Why I read it: It’s been on my TBR for a long time, I follow Kat Savage on social media (instagram, twitter) so I was pretty sure I’d like her poetry, and she was recommended to me by a few people who are also into poetry.
Who I’d recommend it to: People who already like poetry. Maybe to those who think they might like it, and are looking for good places to start. If you liked milk & honey and/or the princess saves herself in this one, you might like this one.
My rating: ★ ★ ★ ★ ★
What it’s about:
Author of Learning to Speak, Kat Savage, returns with Mad Woman whish is comprised of 40 pieces that capture her stream on conscious, her confessions, and her strange thoughts. In Mad Woman, she bears it all and embraces her madness driven by loneliness and disappointment.
This is one of the shortest collections of poetry I own, but you know what they say about great things and small packages.
First of all… That. Cover! I won’t lie and tell you the cover art didn’t immediately catch my attention when I first came across this book a year or so ago because it did and I have had serious cover lust about it ever since. (The artist is Ashley Elliot, and she also has an instagram.)
In the opening statement for this book (“Before You Read This”), Kat talks about how this book was for her. She didn’t set out to write a book for everyone else, she wrote about what was going on in her head, and how it doesn’t make sense (but it makes perfect sense for her). She also says,
“If you relate to any of this, you’re mad too. And that’s amazing. This is for all the mad women. Don’t change a damn thing. You are important to me.”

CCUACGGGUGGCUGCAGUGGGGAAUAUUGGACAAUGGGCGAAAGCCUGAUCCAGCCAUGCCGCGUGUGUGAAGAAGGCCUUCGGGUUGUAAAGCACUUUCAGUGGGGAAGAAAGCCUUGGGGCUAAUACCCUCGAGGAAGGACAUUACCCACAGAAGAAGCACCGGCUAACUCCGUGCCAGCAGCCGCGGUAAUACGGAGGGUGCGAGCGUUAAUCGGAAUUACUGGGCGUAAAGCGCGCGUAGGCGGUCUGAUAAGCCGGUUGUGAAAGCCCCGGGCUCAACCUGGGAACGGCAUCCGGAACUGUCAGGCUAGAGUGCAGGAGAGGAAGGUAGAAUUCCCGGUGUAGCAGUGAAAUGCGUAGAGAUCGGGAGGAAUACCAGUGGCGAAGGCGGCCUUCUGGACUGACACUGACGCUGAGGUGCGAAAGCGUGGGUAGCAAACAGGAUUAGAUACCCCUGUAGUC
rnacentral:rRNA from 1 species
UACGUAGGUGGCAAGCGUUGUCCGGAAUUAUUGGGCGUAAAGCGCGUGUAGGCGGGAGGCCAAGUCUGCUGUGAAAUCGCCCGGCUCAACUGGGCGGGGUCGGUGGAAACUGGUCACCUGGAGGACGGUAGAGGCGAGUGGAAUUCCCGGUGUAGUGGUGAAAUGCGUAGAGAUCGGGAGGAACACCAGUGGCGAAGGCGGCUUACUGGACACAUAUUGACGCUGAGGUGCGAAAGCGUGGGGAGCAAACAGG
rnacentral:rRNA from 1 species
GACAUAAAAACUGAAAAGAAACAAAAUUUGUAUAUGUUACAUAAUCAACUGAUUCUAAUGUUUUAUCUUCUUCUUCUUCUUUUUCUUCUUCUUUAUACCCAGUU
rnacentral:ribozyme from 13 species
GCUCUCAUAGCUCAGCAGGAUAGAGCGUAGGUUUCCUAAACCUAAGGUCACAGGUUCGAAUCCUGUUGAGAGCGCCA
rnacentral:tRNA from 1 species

I feel like I read this book at the right time for me, because I’ve been working on a collection of poetry for about a year, and I’ve been having a lot of doubts about it. Especially the parts that are mine, written for me, about me, and what goes on in my weird little head. Reading Mad Woman, and relating to a lot of it, was therapeutic in a way, and also encouraging. I felt less alone, like someone else out there understands some of the feelings I have that are hard to talk about.
I remember reading, then re-reading, then re-reading “What Is Written” because I was struggling with exactly that (difficulty with writing about things that make me happy) at exactly the time I read it. There were several poems I had the experience of reading several times because they spoke to me so strongly, actually.
I took my time reading this, even though it’s a short book, because almost every poem struck a chord for me. Maybe this is all made up, or metaphorical, or something else that isn’t quite literal, but I came away from reading this feeling like I know Kat Savage, or at least know parts of her, and I think it’s obvious that these were very personal, raw but beautiful, poems.
This was my first experience with one of Kat Savage’s books, but thankfully I bought two others (Redamancy and Throes), and I’m very much looking forward to reading those, and eventually more of her work.